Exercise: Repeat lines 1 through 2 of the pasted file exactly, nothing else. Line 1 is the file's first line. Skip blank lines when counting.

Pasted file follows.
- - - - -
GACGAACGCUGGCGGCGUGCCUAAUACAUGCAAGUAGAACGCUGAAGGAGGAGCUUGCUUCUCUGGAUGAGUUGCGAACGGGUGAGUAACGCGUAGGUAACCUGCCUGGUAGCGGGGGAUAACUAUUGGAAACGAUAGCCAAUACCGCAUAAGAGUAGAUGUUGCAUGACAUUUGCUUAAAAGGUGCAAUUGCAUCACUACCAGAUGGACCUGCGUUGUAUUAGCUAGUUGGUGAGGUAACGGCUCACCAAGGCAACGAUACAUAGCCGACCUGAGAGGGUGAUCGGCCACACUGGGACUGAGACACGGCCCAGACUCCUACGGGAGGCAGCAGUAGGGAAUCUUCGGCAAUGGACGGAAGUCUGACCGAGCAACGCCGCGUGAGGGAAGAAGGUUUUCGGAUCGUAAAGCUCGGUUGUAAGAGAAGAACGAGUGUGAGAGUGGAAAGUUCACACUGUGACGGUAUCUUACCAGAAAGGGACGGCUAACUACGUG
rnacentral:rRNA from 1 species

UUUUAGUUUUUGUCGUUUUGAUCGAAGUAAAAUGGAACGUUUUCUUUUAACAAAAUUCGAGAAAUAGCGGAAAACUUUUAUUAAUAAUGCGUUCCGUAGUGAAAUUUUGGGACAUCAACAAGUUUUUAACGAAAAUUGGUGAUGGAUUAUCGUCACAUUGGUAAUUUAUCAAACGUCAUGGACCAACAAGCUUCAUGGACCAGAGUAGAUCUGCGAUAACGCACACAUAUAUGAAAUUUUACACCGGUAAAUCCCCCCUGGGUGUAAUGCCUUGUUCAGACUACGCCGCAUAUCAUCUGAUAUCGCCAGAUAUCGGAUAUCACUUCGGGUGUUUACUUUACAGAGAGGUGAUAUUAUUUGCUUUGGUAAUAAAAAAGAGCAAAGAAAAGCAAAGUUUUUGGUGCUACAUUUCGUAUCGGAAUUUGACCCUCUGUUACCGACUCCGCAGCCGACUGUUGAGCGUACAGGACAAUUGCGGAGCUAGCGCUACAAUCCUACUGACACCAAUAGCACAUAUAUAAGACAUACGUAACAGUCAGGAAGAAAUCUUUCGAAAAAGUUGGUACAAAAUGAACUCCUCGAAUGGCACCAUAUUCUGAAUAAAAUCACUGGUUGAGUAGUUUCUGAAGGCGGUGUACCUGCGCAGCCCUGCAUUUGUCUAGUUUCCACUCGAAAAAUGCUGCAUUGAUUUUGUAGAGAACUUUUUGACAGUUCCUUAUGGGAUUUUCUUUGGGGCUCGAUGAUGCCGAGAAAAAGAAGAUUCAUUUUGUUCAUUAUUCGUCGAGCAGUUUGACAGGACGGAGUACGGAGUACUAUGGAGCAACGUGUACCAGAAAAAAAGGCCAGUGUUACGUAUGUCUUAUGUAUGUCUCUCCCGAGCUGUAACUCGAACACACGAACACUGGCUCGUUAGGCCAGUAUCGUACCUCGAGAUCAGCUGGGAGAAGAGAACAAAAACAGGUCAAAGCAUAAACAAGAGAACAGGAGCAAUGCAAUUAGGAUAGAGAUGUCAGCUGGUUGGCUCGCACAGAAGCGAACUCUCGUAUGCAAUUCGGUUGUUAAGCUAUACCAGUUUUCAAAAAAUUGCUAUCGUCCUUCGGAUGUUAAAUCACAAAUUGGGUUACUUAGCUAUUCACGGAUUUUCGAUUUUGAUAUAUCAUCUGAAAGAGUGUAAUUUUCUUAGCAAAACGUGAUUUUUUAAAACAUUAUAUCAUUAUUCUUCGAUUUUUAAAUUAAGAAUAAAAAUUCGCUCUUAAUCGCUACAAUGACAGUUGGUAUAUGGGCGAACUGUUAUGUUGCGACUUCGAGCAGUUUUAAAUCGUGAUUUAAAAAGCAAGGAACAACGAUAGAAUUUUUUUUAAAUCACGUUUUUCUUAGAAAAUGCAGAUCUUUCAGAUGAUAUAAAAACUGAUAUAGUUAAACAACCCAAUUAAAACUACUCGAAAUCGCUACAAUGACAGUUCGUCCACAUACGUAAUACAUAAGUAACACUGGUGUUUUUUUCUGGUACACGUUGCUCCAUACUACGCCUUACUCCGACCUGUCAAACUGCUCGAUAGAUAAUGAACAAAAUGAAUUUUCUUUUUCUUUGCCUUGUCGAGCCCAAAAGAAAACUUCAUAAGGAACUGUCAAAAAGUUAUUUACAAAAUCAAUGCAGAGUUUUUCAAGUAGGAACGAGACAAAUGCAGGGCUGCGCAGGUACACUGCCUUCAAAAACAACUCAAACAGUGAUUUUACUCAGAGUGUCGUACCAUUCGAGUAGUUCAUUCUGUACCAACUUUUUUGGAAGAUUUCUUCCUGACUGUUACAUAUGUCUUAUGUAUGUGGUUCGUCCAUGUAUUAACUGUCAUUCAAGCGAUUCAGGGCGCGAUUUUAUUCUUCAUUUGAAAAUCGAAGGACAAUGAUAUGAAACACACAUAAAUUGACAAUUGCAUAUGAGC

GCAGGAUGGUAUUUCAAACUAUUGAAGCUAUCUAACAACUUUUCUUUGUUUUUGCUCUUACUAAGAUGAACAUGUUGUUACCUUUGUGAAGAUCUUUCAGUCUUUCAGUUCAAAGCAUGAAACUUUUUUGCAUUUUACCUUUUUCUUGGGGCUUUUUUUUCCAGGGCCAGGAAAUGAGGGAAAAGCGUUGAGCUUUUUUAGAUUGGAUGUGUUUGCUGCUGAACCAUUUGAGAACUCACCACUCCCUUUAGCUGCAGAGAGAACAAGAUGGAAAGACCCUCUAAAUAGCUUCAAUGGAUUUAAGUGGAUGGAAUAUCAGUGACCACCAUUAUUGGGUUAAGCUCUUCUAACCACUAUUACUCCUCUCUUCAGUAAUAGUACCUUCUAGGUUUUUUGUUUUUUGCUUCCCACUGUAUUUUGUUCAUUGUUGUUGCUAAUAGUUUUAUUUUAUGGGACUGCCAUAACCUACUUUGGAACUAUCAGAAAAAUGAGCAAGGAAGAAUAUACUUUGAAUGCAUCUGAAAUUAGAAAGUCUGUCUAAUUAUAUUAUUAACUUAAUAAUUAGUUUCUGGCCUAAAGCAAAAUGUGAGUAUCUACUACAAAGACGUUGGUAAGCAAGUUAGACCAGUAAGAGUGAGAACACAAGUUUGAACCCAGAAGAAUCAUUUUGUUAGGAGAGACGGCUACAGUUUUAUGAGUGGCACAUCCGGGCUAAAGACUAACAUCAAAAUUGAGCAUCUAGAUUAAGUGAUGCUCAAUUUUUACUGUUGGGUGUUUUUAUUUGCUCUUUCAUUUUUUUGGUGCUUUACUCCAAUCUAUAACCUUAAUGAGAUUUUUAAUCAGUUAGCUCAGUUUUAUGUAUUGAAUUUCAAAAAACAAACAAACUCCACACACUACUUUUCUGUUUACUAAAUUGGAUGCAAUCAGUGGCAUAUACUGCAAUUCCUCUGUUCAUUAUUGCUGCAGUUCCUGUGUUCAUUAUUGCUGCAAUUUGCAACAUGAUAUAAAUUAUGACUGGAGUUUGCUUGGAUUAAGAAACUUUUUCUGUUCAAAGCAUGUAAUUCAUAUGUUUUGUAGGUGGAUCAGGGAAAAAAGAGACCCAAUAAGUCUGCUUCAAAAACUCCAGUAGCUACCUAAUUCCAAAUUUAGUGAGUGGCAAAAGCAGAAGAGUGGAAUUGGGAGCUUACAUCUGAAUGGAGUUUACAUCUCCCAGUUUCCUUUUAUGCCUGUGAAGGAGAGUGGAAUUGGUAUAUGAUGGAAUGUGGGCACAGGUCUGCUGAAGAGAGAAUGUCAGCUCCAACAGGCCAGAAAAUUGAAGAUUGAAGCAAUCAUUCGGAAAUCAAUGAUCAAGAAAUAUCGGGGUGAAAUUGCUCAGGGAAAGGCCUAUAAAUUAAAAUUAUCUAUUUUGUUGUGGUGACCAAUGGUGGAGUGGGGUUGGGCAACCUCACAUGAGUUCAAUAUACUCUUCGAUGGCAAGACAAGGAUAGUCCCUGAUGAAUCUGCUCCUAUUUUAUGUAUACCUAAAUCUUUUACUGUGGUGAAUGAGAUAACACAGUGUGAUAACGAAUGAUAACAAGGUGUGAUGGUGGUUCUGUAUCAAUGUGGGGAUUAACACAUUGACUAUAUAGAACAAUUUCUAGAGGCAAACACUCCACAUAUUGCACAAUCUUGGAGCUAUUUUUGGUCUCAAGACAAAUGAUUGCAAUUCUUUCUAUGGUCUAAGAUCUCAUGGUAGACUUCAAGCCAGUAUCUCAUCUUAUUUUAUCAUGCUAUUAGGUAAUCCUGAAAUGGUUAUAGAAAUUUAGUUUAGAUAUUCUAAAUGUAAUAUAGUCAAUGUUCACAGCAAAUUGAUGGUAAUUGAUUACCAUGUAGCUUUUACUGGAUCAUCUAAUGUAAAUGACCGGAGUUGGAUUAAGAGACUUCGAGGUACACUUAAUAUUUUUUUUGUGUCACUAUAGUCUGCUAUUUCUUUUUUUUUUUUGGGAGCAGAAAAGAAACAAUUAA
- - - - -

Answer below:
GACGAACGCUGGCGGCGUGCCUAAUACAUGCAAGUAGAACGCUGAAGGAGGAGCUUGCUUCUCUGGAUGAGUUGCGAACGGGUGAGUAACGCGUAGGUAACCUGCCUGGUAGCGGGGGAUAACUAUUGGAAACGAUAGCCAAUACCGCAUAAGAGUAGAUGUUGCAUGACAUUUGCUUAAAAGGUGCAAUUGCAUCACUACCAGAUGGACCUGCGUUGUAUUAGCUAGUUGGUGAGGUAACGGCUCACCAAGGCAACGAUACAUAGCCGACCUGAGAGGGUGAUCGGCCACACUGGGACUGAGACACGGCCCAGACUCCUACGGGAGGCAGCAGUAGGGAAUCUUCGGCAAUGGACGGAAGUCUGACCGAGCAACGCCGCGUGAGGGAAGAAGGUUUUCGGAUCGUAAAGCUCGGUUGUAAGAGAAGAACGAGUGUGAGAGUGGAAAGUUCACACUGUGACGGUAUCUUACCAGAAAGGGACGGCUAACUACGUG
rnacentral:rRNA from 1 species